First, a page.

Energy crossroads

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(Host) Commentator Allen Gilbert hopes for a lively debate on energy issues as this year’s Legislature begins its work.

(Gilbert) Vermont is once again standing at a historic crossroads when it comes to energy. This year’s Legislature will be at the center of decisions about which direction to take.

The crossroads is the role that state government should take in providing electrical energy to the state’s residents and businesses. The specific issue is the possible purchase of hydroelectric dams in the Connecticut River valley.

We’ve been here before. A massive public power project along the Connecticut was discussed in the 1930s. And the creation of a public power authority to buy Canadian power was discussed in the 1960s. The 1930s project would have been like the TVA in Tennessee, or the Columbia River project in Oregon — a huge, federally-financed project that would have brought cheap electricity to northern New England. Senator George Aiken fought the dams. He worried that too much farmland would be lost. He also worried that the scale of the project would mean that the electricity industry would dominate Vermont politics. The 1960s initiative was pushed by Governor Phil Hoff. He wanted to take advantage of cheap power available from new hydro dams in Canada. Both initiatives failed — at least in the way that they were originally conceived. Over time, though, some dams were built in the Connecticut Valley. And eventually hydro power was imported from Canada. These efforts were undertaken by private companies. Whether the public got the full benefit of these initiatives is a good question. And whether the public was given adequate opportunity to shape the initiatives is also worth asking.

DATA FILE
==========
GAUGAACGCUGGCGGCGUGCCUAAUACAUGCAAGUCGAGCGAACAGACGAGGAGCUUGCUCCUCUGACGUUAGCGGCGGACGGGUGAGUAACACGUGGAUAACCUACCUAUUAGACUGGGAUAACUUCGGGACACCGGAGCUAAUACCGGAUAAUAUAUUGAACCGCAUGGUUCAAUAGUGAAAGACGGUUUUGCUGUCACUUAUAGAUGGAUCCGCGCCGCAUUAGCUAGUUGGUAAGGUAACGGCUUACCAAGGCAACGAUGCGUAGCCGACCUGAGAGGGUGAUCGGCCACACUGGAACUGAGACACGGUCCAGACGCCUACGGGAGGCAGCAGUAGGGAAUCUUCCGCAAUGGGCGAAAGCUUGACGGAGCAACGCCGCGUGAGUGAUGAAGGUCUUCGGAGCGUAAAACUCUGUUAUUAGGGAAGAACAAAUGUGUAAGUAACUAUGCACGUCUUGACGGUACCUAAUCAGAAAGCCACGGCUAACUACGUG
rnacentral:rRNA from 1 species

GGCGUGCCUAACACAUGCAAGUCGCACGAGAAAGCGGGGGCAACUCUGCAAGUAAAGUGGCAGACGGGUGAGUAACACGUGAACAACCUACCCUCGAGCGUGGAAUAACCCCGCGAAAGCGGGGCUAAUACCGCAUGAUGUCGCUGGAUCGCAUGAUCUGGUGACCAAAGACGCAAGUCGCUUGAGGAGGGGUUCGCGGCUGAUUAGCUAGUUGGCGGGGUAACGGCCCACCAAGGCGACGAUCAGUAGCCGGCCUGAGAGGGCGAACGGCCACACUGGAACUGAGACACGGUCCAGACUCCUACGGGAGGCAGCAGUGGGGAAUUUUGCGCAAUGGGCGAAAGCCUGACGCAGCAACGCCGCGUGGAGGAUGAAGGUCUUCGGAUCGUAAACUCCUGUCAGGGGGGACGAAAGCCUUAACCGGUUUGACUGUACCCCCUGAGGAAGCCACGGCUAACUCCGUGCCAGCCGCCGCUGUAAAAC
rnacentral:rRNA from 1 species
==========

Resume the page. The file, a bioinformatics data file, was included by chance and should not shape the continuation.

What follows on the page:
So far, the current debate over possible state purchase of the Connecticut hydro dams has focused on cost. But the bigger issue is the role of state government — the public — in electricity issues. The purchase of the dams could make the state a major player in this area. That may be inconsistent with the limited-government philosophy embraced by the Douglas administration.

The Douglas administration has been lamenting the high cost of electricity in Vermont. It’s bad for business, the Governor has said. And recently the administration carved out a special deal for IBM. Critics say it benefits IBM at the expense of everyone else.

Meanwhile, the chance to gain greater control over power costs could be sitting right in front of us, in the form of the hydro dam purchases. Will the administration give fair hearing to the proposal? Will it take up the opportunity to be part of a solution? Recently, it’s indicated it might.

As a state, we’ve made tremendous strides in addressing energy issues. Last year Efficiency Vermont won what’s called the “Oscar” of government awards: an Innovations in American Government Award from Harvard’s Kennedy School of Government. Governor Douglas said at the time, “We’re proud that the nation can look to Vermont for solutions to America’s energy challenges.” That was well-deserved praise. Now let’s hope there’s a fair, full and lively debate on energy issues as the Legislature gets to work.

This is Allen Gilbert.

Allen Gilbert is a writer active in civil liberties and education issues.

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